Colonization with anti-inflammatorySalmonella blocks the activation of NF-κB. (A) HeLa cells were transfected as described (12) with CAT reporter constructs and colonized with the indicated bacteria for 1 hour, followed by TNF-α challenge for 4 hours. CAT activity was assayed by ELISA (12). Data from a representative experiment are shown as percent TNF-α–induced activity. (B) Immunostaining of p65 in HeLa cells was performed as described (12). [(C) through (E)] Immunoblots of whole-cell IκB-α levels in T84 cells (12). Lysates were prepared from cells colonized apically with the indicated organisms, and subsequently challenged by basolateral TNF-α (C) or apical S. typhimurium (D) as indicated. In (E), cells were treated on the apical surface with diluted and heat-killed cultures of S. typhimurium PhoPc or with conditioned bacterial media for 1 hour before challenge with TNF-α.

Surprisingly, colonization of T84 model epithelia with anti-inflammatory organisms induced the phosphorylation of IκB-α and did so to an even greater extent than did wild-typeS. typhimurium, InvA, or TNF-α (Fig. 3A). The presence of continuously phosphorylated IκB-α in the absence of degradation and subsequent NF-κB translocation is distinct from the reported mechanism of NF-κB blockade mediated by the enteroinvasive pathogenYersinia sp. (19, 20). These organisms prevent IκB phosphorylation via the activity of the translocated prokaryotic effector molecule YopJ, which inhibits mitogen-activated protein kinase kinase (MAPKK) and subsequent IκB kinase activation. In contrast, all Salmonella strains studied, including the anti-inflammatory strains, activated the MAPKK/JNK pathway, which is the only other signaling pathway necessary for IL-8 transcription in response to Salmonella (Fig. 3B) (11).

Figure 3

Colonization with anti-inflammatorySalmonella induces IκB-α phosphorylation but inhibits ubiquitination. (A) Whole-cell extracts from cells colonized apically with the indicated organisms. Immunoblots with anti–IκB-α (upper panel, high molecular weight phospho IκB-α species are flagged) and anti–phospho IκB-α antibodies (lower panel) (12). (B) Immunoblots with anti–phospho-specific antibodies (New England Biolabs). Whole-cell extracts were prepared from cells treated as indicated. (Cand D) Cells were pretreated with 50 μM MG-132 for 30 min and activated/colonized as indicated. Immunoblots with anti–IκB-α antibodies [(C), upper panel and (D)] and anti–phospho IκB-α antibodies [(C), lower panel]. (E) Immunoprecipitation with IκB-α followed by immunoblot with anti-ubiquitin conjugate antibody (22). HT-29 cells were pretreated with 50 mM MG-132 for 1 hour and activated/colonized as indicated.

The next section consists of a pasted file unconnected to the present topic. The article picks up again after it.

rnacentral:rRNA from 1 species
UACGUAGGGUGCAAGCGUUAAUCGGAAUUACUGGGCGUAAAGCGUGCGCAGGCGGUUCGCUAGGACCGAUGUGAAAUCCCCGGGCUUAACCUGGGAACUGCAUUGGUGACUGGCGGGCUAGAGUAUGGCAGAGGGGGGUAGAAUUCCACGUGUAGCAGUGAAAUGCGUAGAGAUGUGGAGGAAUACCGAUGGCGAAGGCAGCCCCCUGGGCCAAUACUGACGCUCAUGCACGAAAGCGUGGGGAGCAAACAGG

To allow further study of modified IκB-α, T84 model epithelia were pretreated with the peptide aldehyde proteasomal inhibitor MG-132. Under these conditions, IκB-α degradation in response to TNF-α was abrogated and the labile phospho-IκB-α induced by proinflammatory signals such as TNF-α or wild-type S. typhimurium could be visualized, as previously reported (Fig. 3C, bottom row) (12). Additionally, very high molecular weight bands consistent with polyubiquitinated IκB-α were observed, as previously reported (Fig. 3C, top row) (8, 21). Notably, these higher molecular weight species were absent in whole-cell lysates derived from both PhoPc- and S. pullorum–infected cells, whereas phosphorylated species were abundant. Furthermore, when cells colonized with the anti-inflammatory bacteria were subsequently challenged with TNF-α, no ubiquitinated IκB-α species were observed (Fig. 3D). The polyubiquitinated form of IκB-α was confirmed by immunoprecipitation (Fig. 3E) (22). Collectively, these data indicate that anti-inflammatory salmonellae induce phosphorylation of IκB-α, much like proinflammatory species, yet they attenuate subsequent ubiquitination of IκB-α, thus preventing its degradation.